3) Transmission of pathogens and parasites: Honey bees frequently have a negative effect on wild bees due to their diseases and parasites (Mallinger et al. 2017; Hoffman et al. 2008), and the presence of managed bees can alter pathogen loads in native bees by a number of different mechanisms including facilitation, spillover and spill back (Graystock et al., 2016). Murray et al. (2018) surveyed five commercially managed apple orchards with rented honey bee colonies for black queen cell virus (BQCV), deformed wing virus (DWV) and sacbrood virus (SBV) in 2014 and found strong evidence that honey bee viruses cross over to distantly related ground-nesting wild bees (mining bees). All viruses were found in both managed and native bees, and BQCV was the most common virus in each. Half of the foraging bees tested positive for at least one of the three viruses. Preliminary research from the Murray team indicates that these viruses may have the potential to have widespread effects on wild pollinators.

References
Ascher, J.S., S. Kornbluth, and R.G. Goelet (2014) Bees (Hymenoptera: Apoidea: Anthophila) of Gardiners Island, Suffolk County, New York. Northeastern Naturalist. 21(1) 47-71 DOI: 10.1656/045.021.0105

Barthell, J.F., J.M. Randall, R.W. Thorp, and A.M. Wenner (2001) Promotion of seed set in yellow star-thistle by honey bees: evidence of an invasive mutualism. Ecological Applications. 11:1870–1883.

Cane, J.H. and V. Tepedino (2017) Gauging the effect of honey bee pollen collection on native bee communities. Conservation Letters. 10:205–210.

Dupont, Y.L., D.M. Hanse, A. Valido, and J.M. Olesen (2003) Impact of introduced honeybees on native pollination interactions of the endemic Echium wildpretii (Boraginaceae) on Tenerife, Canary Islands. Biological Conservation. 18:301–311.

Graystock, P., E.J. Blane, Q.S. McFrederick, D. Goulson, and W.O. Hughes (2016) Do managed bees drive parasite spread and emergence in wild bees? International Journal for Parasitology: Parasites and Wildlife. 5:64–75.

Hoffmann, D., J.S. Pettis, and P. Neumann (2008) Potential host shift of the small hive beetle (Aethina tumida) to bumblebee colonies (Bombus impatiens). Insectes Sociaux. 55:153–162.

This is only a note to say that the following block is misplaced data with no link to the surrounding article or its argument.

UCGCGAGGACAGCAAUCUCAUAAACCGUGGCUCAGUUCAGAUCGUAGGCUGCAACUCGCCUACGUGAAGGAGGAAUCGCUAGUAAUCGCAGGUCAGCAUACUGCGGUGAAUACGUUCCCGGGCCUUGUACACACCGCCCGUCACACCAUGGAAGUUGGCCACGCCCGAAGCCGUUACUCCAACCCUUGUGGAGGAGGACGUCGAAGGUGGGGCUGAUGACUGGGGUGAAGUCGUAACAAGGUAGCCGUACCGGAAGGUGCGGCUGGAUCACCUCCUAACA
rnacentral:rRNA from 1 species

Hudewenz, A. and A.M. Klein (2013) Competition between honey bees and wild bees and the role of nesting resources in a nature reserve. Journal of Insect Conservation. 17:1275–1283.

Kato, M., A. Shibata, T. Yasui, and H. Nagamasu (1999) Impact of introduced honeybees, Apis mellifera, upon native bee communities in the Bonin (Ogasawara) Islands. Researches Population Ecology. 41:217–228.

Mallinger, R. E., H.R. Gaines-Day, and C. Gratton (2017) Do managed bees have negative effects on wild bees?: A systematic review of the literature. PLOS One. https://doi.org/10.1371/journal.pone.0189268

Mathiasson, M. E. and S.E. Rehan (2019) Status changes in the wild bees of north‐eastern North America over 125 years revealed through museum specimens. Insect Conservation and Diversity. DOI: 10.1111/icad.12347

Murray, E.A., J. Burand, N. Trikoz, J. Schnabel, H. Grab, and B.N. Danforth (2018) Viral transmission in honey bees and native bees, supported by a global black queen cell virus phylogeny. Environmental Microbiology.
21(3): 972-983 [published online 10 December 2018; https://doi-org.proxy.library.cornell.edu/10.1111/1462-2920.14501]

Paini, D.R. and J.D. Roberts (2005) Commercial honey bees (Apis mellifera) reduce the fecundity of an Australian native bee (Hylaeus alcyoneus). Biological Conservation. 123:103–112.

Wallberg, A., F. Han, G. Wellhagen, B. Dahle, M. Kawata, N. Haddad, Z.L.P. Simões, M.H. Allsopp, I. Kandemir, P. De la Rúa, C.W. Pirk, and M.T. Webster (2014) A worldwide survey of genome sequence variation provides insight into the evolutionary history of the honeybee Apis mellifera. Nature Genetics. 46: 1081– 1. DOI: 10.1038/NG.3077

Wojcik, V.A., L.A. Morandin, L. D. Adams, and K.E. Rourke (2018) Floral Resource Competition Between Honey Bees and Wild Bees: Is There Clear Evidence and Can We Guide Management and Conservation? Environmental Entomology. 47(4): 822–833 https://doi.org/10.1093/ee/nvy077